The website greenbiz.com recently published an article called "Improved Standards Needed for Bioplastic Claims." The gist of the article is just what the title says: there is a lack of standards for biodegradable plastics, and that causes problems.
But to anyone who is new to the field and interested in learning more, this leaves open a whole host of questions.
- Who creates standards? Who enforces them?
- How are standards actually measured?
- What do these standards actually define, anyway?
This article will give a brief answer to each of these questions, and point you in the right direction for finding out more. It will also highlight an important conclusion: The big problem in the "green plastics" industry today isn't a lack of standards; it is the misuse and misunderstanding of existing standards by producers, consumers, politicians and the media.
Let's start with the last question first.
What do these standards actually define, anyway?
You have probably seen phrases like "Our plastic products meet the ASTM D6400 standard for compostability."
In this case, ASTM D6400 is the name of a document that defines two things:
- A set of scientific tests that can be used to measure properties of a plastic
- A set of criteria (threshold values) that these measurements must meet for the plastic to be considered "compostable".
This kind of standard is called a specification. A specification is an explicit set of requirements that have to be satisfied by a material, product, system, or service, to be designated with a particular label. A specification lets you answer a "YES/NO" question about a material. In the case of ASTM D6400, the question is: "Is this material compostable?"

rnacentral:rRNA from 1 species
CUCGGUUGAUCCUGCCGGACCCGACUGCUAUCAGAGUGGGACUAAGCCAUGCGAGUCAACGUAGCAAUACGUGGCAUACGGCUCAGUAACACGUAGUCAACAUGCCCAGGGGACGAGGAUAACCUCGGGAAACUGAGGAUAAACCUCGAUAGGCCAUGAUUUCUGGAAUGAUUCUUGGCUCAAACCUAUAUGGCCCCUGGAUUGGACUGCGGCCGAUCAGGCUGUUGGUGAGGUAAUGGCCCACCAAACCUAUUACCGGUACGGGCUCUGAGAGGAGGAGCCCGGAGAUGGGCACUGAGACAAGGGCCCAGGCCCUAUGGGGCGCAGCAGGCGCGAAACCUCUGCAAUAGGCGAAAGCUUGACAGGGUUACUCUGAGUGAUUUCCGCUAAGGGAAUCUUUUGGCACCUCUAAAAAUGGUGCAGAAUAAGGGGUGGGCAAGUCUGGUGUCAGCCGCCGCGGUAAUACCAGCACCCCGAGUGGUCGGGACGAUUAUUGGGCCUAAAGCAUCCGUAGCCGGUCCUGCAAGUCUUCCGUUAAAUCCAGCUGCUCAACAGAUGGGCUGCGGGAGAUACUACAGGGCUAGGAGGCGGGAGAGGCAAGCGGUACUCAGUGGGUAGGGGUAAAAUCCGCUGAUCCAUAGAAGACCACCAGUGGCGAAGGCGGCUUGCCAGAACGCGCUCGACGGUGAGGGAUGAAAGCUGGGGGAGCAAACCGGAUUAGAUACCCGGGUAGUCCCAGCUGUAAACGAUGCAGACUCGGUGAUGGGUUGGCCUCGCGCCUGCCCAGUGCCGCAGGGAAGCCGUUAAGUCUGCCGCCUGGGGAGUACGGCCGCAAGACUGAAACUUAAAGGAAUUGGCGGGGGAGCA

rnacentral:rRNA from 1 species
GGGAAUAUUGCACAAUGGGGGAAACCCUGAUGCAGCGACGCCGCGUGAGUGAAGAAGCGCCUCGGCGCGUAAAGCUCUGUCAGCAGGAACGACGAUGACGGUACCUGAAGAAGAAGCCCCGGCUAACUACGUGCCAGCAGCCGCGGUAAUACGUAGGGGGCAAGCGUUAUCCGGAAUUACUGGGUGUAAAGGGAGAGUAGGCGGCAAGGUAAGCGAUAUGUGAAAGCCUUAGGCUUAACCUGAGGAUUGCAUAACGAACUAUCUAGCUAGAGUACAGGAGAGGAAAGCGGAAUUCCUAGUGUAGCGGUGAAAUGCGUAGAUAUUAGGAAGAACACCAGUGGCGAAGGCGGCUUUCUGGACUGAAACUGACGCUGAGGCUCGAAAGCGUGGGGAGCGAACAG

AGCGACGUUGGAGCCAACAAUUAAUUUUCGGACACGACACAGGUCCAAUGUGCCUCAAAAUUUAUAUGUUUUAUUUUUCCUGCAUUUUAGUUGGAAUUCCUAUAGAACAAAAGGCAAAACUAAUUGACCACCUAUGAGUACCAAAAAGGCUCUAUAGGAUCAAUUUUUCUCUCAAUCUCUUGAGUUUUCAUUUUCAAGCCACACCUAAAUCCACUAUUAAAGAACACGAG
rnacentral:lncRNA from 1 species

Not all standards are specifications, however. For example, ASTM D5338 defines a way of measuring aerobic biodegradation of a plastic under laboratory composting conditions. This document describes:
- An exact scientific experimental procedure you can execute to carry out a test
- An exact way of measuring and calculating the results of the test.
This kind of standard is called a test method. A test method is a definitive procedure that can be applied to a material to produce a test result. A test method gives you an objective way of obtaining a measurement, but does not answer any kind of "YES/NO" question. It is impossible to "pass" or "fail" or "conform to" a standard that is a test method.
This is one of the most misunderstood and abused issues when it comes to claims about "biodegradability." Many companies claim that their products "conform to" an ASTM standard for biodegradability, or "pass" the ASTM test for biodegradability, or "can be defined as biodegradable" based on an ASTM standard. All of these claims are incorrect.
ASTM has defined several tests for biodegradability, using different methods and under different conditions. ASTM D5338 is just one of them. Another one is ASTM D5988, which tests aerobic biodegradation in soil. ASTM D5511 is a test for anaerobic biodegradation within a device called a "high-solids anaerobic digestion unit." There are tests for many different types of biodegradation under many different conditions.
But the key fact is: None of the tests for biodegradability produce a "pass/fail" result.
Instead, when a material is tested for biodegradability using an ASTM test method, the result looks something like this:
Here we see four different materials represented by four different curves. The y-axis is the percent of the material that has biodegraded (measured according to the instructions in the standard), and the x-axis is time. Obviously, some of these materials are more biodegradable than others, and at least one of them can probably be called "non-biodegradable" according to this test.